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Environmental health and hygiene on ships - The Galley

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14 August 2014/Categories: Inspector News


  Environmental health and hygiene on ships - The Galley

This article has also been published in the SHIPSAN Newsletter under the section “Environmental health and hygiene on ships”. Section Editor: Martin Walker, Port Health Officer, Suffolk Coastal Port Health Authority, Felixstowe, England

Martin Walker, Port Health Officer, Suffolk Coastal Port Health Authority, Felixstowe, England


Key Message: Vero cytotoxin-producing Escherichia coli (VTEC) – a serious food poisoning bacteria that can affect crew and passengers on all vessels

When it comes to vessel inspection, a major area that is covered is the Food Safety side. The catering operation on ships will vary tremendously in terms of scale, processes employed, types of food handling employed for example and thus the risks posed to crew (and passengers where relevant) will vary considerably. One matter that will be common to all types of vessels will be the hazards that can arise where due care and attention are not paid.

Food poisoning is a longstanding issue and a number of micro-organisms can be a source. Most recently, the VTEC group of bacteria have come to prominence with a number of high profile cases, which sadly, have led to a number of deaths. The most important strains to cause illness (particularly serious) is E. coli O157 and E. coli O104. O157 is the strain that was linked to the death of 5 year old in South Wales 1 and 21 deaths in Scotland from contaminated meat 2, while O104 was associated with the 2011 outbreak focused in Northern Germany and linked to contaminated bean sprouts3. The latter outbreak led to EU legislation banning imports of bean sprouts from Egypt (now repealed).

E. coli are coliform bacteria that live in the intestines of humans and animals and whilst most are harmless, E. coli O157 can cause severe diarrhoea and kidney damage. Complications can arise (especially in children under 5) such as Hemolytic Uraemic Syndrome that can cause kidney failure and death. At the time of the outbreak in Northern Germany, Hamburg Port Health Center issued advice to seafarers, which can be found here detailing symptoms and actions that seafarers could take.

The risk from E. coli in food preparation is closely linked to cross contamination between raw food (such as unwashed fruit and vegetables, and raw meat) and food that would be classed as ready to eat such as cooked meats and washed fruit and vegetables). In the UK, the Food Standards Agency has issued advice to Food Businesses (that would apply equally to vessels operating in the UK) as to how to control the risk of E. coli O157. This can be found at http://www.food.gov.uk/multimedia/pdfs/publication/ecolifactsheet0211.pdf. The key control points are:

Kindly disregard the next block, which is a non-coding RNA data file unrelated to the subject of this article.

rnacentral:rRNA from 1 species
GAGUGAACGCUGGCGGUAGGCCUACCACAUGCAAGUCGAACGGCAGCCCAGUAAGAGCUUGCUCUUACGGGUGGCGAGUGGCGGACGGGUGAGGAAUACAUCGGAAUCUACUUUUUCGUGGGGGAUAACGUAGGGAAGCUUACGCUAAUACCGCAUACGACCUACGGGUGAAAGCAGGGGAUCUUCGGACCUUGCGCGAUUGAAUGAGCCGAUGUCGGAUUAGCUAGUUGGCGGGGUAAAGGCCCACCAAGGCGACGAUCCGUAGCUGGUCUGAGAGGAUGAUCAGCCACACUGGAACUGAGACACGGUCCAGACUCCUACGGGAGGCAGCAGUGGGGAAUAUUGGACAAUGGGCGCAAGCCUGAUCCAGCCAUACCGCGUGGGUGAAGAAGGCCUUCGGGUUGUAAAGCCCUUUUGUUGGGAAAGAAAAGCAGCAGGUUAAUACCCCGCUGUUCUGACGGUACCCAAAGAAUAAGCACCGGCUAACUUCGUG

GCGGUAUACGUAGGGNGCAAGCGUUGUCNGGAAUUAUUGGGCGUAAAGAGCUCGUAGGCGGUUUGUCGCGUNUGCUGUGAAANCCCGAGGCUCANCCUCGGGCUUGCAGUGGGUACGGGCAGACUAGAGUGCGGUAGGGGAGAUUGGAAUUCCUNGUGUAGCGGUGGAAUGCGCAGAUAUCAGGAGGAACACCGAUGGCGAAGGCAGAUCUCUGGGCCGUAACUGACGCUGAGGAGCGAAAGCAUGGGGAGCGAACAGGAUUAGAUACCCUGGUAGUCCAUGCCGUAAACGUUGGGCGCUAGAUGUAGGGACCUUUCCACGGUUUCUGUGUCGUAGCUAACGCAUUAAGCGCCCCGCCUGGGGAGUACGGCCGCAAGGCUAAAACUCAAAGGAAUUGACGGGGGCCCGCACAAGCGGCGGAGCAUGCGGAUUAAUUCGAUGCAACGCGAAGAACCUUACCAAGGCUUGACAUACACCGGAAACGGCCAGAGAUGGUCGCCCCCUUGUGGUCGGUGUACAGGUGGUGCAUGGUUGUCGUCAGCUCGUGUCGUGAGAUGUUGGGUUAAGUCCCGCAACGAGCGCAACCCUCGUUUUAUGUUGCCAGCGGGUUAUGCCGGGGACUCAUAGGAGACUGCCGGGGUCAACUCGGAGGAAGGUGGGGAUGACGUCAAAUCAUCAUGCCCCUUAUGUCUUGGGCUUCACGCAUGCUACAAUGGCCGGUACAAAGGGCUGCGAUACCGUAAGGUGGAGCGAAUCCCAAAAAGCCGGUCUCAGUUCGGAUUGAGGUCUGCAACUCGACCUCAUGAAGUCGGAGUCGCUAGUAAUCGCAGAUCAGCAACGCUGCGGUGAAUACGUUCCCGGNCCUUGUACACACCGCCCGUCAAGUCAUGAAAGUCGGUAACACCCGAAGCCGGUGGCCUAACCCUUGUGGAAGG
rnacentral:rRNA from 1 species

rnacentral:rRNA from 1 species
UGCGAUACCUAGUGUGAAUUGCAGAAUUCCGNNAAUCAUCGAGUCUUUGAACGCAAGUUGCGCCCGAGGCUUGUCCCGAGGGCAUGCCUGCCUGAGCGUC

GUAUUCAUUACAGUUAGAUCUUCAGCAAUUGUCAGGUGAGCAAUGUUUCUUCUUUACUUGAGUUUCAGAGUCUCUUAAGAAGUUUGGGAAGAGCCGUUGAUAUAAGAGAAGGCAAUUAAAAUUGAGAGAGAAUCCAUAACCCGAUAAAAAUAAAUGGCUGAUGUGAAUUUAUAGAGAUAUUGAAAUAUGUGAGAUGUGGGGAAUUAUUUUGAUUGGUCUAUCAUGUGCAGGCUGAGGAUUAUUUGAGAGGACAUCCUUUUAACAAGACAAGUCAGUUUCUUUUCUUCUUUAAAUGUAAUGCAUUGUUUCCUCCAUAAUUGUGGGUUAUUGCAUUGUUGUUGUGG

1. Always separate – separate raw and ready to eat foods, paying attention to work areas, storage facilities, equipment, protective clothing, utensils etc.
  2. Clean effectively – this is not just visual cleanliness but sanitising through the use of appropriate disinfection.
  3. Heat cleaning – specifically for cleaning of utensils and cloths – the use of dishwashers and washing machines at the correct temperature and contact time.
  4. Handwashing – a key component of basic hygiene but stressing suitable techniques and facilities.
  5. Handling food – use of tongs/other utensils, disposable gloves between tasks.

For those involved in food preparation on board vessel and inspectors, attention to the risks and control measures posed is vital as the simple failings could lead to serious consequences to human health. Relevant control measures/corrective actions for all types of this can be found in the WHO Technical Handbook4 Area 2 Galley Pantry and Service Area and Area 3 Stores and for standards and requirements for passenger ships in the EU SHIPSAN TRAINET Manual5, Area 3 Food Safety (pages 41-72) .

Next issue, I will feature another relevant food safety issue in the Galley. If you have any good examples of cases that you would like to share with SHIPSAN ACT readers, please email details to me at martin.walker@suffolkcoastal.gov.uk


References:
World Health Organization, International Health Regulations 2005, available through http://whqlibdoc.who.int/publications/2008/9789241580410_eng.pdf

1 http://www.reading.ac.uk/foodlaw/pdf/uk-09005-ecoli-report-summary.pdf
2 http://news.bbc.co.uk/1/hi/health/154107.stm
3 http://www.euro.who.int/en/health-topics/emergencies/international-health-regulations/outbreaks-of-e.-coli-o104h4-infection
4 World Health Organization, 2011 Handbook for Inspection of Ships and Issuance of Ship Sanitation Certificates available through http://www.who.int/ihr/publications/handbook_ships_inspection/en/
5 European Manual for Hygiene Standards and Communicable Diseases Surveillance on Passenger Ships (EU Ship Sanitation Training Network)

 

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